A true trooper and welcomed company Agnes and Eric drove the ways down the South Shore. Agnes always willing to lend a hand. That damn tripod anyway. lol
565 million year old fossils. I thought I'd add some contrast.
I wanted to show some contrast. So I put the iPone from Nov.21st, 2010 next to a 565 million year old fossil at Mistaken Point. Where we were, to where we are. I Started thinking ..........man we've come a long way, and then I remembered the recent catalogue from UNICEF on our lounge table at work asking for donations of not money for people in Africa (the very rock this most likely came from) but goats, wells, huts, seeds etc. and realised we really may not have travelled that far at all! Ironically enough the writing under the map on the iPhone reads Bigdeal, not by design of course, it really is though I think.
Mistaken Point in the distance is becoming a tourist attraction on the south coast of NL. 800 and some visitors a year. It is remote. Land and Sea, a CBC program, recently did a take on it. We were actually standing on the rock as it was being viewed across NL on TV. It was afterall Nov. 21st with a -5 Celsius chill and cold western wind that day.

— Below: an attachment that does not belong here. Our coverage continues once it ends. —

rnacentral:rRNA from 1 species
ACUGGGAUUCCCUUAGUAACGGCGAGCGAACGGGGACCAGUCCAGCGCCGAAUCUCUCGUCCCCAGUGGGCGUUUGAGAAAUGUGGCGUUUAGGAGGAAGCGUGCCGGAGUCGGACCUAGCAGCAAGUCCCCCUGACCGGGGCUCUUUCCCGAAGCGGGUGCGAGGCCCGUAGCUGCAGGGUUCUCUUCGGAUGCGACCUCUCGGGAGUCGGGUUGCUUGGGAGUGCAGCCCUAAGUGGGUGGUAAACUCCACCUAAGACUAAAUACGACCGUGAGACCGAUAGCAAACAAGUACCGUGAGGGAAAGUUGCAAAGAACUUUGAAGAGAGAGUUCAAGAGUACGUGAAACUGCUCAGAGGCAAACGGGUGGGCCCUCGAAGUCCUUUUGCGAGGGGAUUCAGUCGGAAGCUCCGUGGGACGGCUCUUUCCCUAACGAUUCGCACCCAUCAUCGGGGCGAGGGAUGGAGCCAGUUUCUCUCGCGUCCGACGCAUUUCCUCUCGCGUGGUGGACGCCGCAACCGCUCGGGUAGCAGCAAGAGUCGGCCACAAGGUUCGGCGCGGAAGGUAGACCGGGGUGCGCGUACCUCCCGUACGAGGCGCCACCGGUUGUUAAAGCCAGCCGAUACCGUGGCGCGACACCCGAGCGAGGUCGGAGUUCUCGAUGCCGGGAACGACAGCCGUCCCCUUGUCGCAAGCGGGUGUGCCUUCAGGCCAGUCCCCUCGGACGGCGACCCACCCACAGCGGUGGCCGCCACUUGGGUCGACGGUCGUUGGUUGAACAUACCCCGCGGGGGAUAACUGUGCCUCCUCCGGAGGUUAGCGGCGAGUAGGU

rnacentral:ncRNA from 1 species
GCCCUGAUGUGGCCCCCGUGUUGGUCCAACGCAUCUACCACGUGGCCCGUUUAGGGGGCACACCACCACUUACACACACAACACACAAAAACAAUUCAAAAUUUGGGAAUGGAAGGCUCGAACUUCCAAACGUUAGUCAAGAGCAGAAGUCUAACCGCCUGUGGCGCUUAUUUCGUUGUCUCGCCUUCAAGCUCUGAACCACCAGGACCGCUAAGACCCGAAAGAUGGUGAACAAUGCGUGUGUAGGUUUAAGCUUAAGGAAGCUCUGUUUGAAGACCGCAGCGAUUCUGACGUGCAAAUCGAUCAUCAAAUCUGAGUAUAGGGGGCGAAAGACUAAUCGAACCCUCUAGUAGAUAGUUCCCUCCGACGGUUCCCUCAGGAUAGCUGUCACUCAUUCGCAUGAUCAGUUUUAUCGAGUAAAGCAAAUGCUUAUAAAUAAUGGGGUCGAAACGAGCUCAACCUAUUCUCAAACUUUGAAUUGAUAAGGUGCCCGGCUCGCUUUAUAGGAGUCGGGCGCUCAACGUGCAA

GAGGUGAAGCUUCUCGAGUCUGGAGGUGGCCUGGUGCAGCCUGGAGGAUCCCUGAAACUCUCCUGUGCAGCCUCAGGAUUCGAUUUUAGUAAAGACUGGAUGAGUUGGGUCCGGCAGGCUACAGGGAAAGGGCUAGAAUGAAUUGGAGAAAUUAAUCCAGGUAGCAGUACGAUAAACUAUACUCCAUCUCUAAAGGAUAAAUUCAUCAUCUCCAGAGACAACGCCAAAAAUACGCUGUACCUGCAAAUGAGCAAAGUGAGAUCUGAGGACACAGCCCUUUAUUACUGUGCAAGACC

Precambrian rock from Avaloniam Terrane, some of the oldest rock in the world and when you see it you are mesmerised by it's presence. Sutured into it's new home from another early continent it was part of but retaining it's geological information and fossils.
Some very old fossils here. This may be a spindle as these are the most plentiful.
More to see and amazing that they were discovered in such an isolated spot in the late 1960's by a Memorial University Geologist. Tony was too young then I think. Sorry buddy had to get a dig in. Excuse the pun....I'll just stop now.
Tony I believe I would have loved to have made this trip with you as you are the geologist quite literally of our kayaking group. I would have learned so much. I had to read instead. I like that too. I wanted to show some dimension to the fossils still preserved on the rock and display how vulnerable and sensitive they must be to the environment and visitors. You have to remove footwear to step on the rock. We did this even in -5. I later found out that the elevation of the small fossil parts may not be due to the biota but to the compression of the organism over time and subsequent small eruptions from underneath. No matter, you still get an excellent view of these original organisms from so long ago. Some of the biota found here is particular to Newfoundland and never before identified.